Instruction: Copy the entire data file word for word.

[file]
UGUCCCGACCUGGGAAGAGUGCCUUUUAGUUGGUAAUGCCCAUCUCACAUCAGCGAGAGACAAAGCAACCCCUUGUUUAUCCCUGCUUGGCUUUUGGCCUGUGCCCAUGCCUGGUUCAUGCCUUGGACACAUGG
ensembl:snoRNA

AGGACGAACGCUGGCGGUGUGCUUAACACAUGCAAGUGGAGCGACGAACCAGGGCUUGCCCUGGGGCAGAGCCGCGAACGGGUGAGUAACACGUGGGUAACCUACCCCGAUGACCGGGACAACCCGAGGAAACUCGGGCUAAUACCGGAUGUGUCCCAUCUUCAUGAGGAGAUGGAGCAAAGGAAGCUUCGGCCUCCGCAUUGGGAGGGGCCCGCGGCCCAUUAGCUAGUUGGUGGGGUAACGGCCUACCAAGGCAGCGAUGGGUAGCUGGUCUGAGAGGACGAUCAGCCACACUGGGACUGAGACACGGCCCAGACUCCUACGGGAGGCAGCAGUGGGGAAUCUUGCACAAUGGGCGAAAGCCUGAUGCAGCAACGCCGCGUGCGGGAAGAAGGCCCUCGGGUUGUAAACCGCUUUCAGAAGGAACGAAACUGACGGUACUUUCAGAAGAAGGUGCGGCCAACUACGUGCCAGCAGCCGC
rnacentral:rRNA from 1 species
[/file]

UGUCCCGACCUGGGAAGAGUGCCUUUUAGUUGGUAAUGCCCAUCUCACAUCAGCGAGAGACAAAGCAACCCCUUGUUUAUCCCUGCUUGGCUUUUGGCCUGUGCCCAUGCCUGGUUCAUGCCUUGGACACAUGG
ensembl:snoRNA

AGGACGAACGCUGGCGGUGUGCUUAACACAUGCAAGUGGAGCGACGAACCAGGGCUUGCCCUGGGGCAGAGCCGCGAACGGGUGAGUAACACGUGGGUAACCUACCCCGAUGACCGGGACAACCCGAGGAAACUCGGGCUAAUACCGGAUGUGUCCCAUCUUCAUGAGGAGAUGGAGCAAAGGAAGCUUCGGCCUCCGCAUUGGGAGGGGCCCGCGGCCCAUUAGCUAGUUGGUGGGGUAACGGCCUACCAAGGCAGCGAUGGGUAGCUGGUCUGAGAGGACGAUCAGCCACACUGGGACUGAGACACGGCCCAGACUCCUACGGGAGGCAGCAGUGGGGAAUCUUGCACAAUGGGCGAAAGCCUGAUGCAGCAACGCCGCGUGCGGGAAGAAGGCCCUCGGGUUGUAAACCGCUUUCAGAAGGAACGAAACUGACGGUACUUUCAGAAGAAGGUGCGGCCAACUACGUGCCAGCAGCCGC
rnacentral:rRNA from 1 species